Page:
Five things we learned from Leicester 0 – 1 Manchester United

It was a cagey but well-earned 1-0 away win at Leicester on Thursday night. Manchester United have now won three games in a row in the league for the first time since December 2021. Before that, it was a five game win streak in March and April 2021. That’s two purple patches of form in the space of 18 months. But new boss Erik Ten Hag is bringing in more than just results to his new club. 

Marcus Rashford and Bruno Fernandes surround game-winning goalscorer Jadon Sancho (Photo by MSC Football)

A sense of direction and a buoyant mood are two rewarding by-products that United are enjoying under their new boss. Having made several bold decisions in his five league games so far, not least dropping his club captain Harry Maguire and the enigmatic Cristiano Ronaldo, Ten Hag has showcased in a short space of time why he’s been entrusted to right the United ship.

Here are five things that we’ve learned about United from Thursday’s match. 

Hard work is crucial in this United side

Former interim manager, Ralf Rangnick, was brought in to introduce a high-tempo pressing mentality to a lacklustre side who had significantly lost their way. Though results were torrid, what Rangnick did bring is becoming clearer under the new manager. The new squad seem fitter, hungrier and more willing to put in the off-the-ball work.

There were several instances on Thursday where David de Gea was in possession in front of his own goal needing an option. Impressive full-backs Diogo Dalot and Tyrell Malacia made several clever moves back to offer this option, especially when their goalkeeper was being pressed.

Malacia spots the Leicester press and quickly backtracks to give his goalkeeper a wide option.
Malacia’s positional awareness and willingness to move into useful spaces was crucial. (Footage courtesy of BT Sport)

Not only this, the work rate from all midfielders in the game was exceptional. Eriksen, considering the life-changing 18 months he’s had, has been an engine in the midfield. That’s not mentioning his phenomenal passing ability and calmness on the ball. All of this represents a shift in mentality that United fans have been crying out for for the last half a decade.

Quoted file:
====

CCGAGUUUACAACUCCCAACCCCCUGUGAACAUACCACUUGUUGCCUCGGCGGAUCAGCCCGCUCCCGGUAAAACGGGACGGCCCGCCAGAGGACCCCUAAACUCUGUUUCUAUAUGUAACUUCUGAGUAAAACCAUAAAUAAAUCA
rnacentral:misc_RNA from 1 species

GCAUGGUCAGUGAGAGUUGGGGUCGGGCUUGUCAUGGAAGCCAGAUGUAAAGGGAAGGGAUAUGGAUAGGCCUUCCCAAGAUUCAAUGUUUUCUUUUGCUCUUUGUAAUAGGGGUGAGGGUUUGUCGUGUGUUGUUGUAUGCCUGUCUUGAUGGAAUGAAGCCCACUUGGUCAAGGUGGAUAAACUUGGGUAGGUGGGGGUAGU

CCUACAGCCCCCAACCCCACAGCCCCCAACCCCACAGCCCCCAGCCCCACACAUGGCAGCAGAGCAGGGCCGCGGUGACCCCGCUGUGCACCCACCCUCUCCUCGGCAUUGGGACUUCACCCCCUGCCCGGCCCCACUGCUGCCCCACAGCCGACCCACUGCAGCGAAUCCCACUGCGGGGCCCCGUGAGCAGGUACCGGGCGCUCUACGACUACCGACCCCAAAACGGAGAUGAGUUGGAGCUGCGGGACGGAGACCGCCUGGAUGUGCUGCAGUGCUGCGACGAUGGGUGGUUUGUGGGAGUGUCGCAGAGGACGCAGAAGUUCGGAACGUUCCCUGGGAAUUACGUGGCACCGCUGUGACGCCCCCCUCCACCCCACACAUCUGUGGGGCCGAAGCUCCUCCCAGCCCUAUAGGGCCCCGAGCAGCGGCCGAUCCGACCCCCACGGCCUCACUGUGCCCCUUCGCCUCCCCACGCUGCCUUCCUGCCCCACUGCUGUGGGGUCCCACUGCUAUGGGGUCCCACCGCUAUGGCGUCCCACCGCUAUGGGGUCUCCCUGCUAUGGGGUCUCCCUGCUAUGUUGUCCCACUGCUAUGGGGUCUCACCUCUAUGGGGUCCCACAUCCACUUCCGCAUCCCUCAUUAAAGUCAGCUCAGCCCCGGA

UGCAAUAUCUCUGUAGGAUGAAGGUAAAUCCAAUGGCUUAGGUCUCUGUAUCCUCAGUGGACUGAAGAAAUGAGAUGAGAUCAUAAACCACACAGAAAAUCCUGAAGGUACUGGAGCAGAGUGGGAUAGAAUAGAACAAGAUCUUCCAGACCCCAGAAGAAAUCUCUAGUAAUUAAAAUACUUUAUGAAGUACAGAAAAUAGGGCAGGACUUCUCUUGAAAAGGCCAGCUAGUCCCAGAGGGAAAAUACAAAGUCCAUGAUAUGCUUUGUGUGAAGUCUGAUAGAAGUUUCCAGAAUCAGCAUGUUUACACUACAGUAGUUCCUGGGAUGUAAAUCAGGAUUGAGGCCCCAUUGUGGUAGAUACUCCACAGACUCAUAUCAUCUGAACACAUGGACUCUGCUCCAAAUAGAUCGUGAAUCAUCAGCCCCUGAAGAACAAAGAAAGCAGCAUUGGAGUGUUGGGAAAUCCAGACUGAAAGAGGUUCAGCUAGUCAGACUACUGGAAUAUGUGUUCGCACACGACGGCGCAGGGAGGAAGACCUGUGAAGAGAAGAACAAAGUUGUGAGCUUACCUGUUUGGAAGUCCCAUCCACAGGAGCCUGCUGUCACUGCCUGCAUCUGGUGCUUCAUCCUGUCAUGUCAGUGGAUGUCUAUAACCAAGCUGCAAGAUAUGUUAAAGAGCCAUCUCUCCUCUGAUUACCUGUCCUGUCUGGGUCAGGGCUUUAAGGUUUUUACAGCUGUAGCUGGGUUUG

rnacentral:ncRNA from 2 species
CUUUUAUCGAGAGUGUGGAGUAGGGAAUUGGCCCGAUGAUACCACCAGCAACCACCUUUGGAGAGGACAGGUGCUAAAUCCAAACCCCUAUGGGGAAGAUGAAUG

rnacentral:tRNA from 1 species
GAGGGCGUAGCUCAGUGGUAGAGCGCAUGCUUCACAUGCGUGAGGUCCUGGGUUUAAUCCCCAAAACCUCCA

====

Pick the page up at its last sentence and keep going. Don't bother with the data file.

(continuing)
Slowly but surely, playing it out from the back is coming 

Manchester United are not Manchester City. Playing out from the back does not come naturally to a lot of the players. Interestingly though, bringing in a manager who is known for getting the best out of his players has shifted this significantly.

The defence and midfield worked together as a solid unit throughout much of this game to pass around the Leicester City press. Leicester, though suffering a lull themselves, did make life hard with their pacey, energetic forwards. Harvey Barnes, James Maddison and of course Jamie Vardy have manufactured their recent success from such doggedness.

There were times vs. Leicester where the calmness of new signing Lisandro Martinez alongside a revitalised Raphael Varane shone. Working as a unit, the United back line and midfield made easy work of the Leicester City press. De Gea still has a real preference to booting the ball high up the field. This has been his game for the best part of a decade. With technically gifted and willing footballers ahead of him, De Gea’s playing out from the back will surely increase game-on-game, week-on-week.

United impressed with their passing out of defence – including this tiki-taka style exchange in the 26th minute. (Footage courtesy of BT Sport)

The new United signings are working

Three new signings have already cemented their place in the starting xi. Tyrell Malacia, Christian Eriksen, and Lisandro Martinez have all usurped their relative positions from their new teammates, and for good reason. The teams simply look better with them. Harry Maguire, Lisandro Martinez’s now–understudy, has had long enough to regain his form. Martinez is now simply undroppable.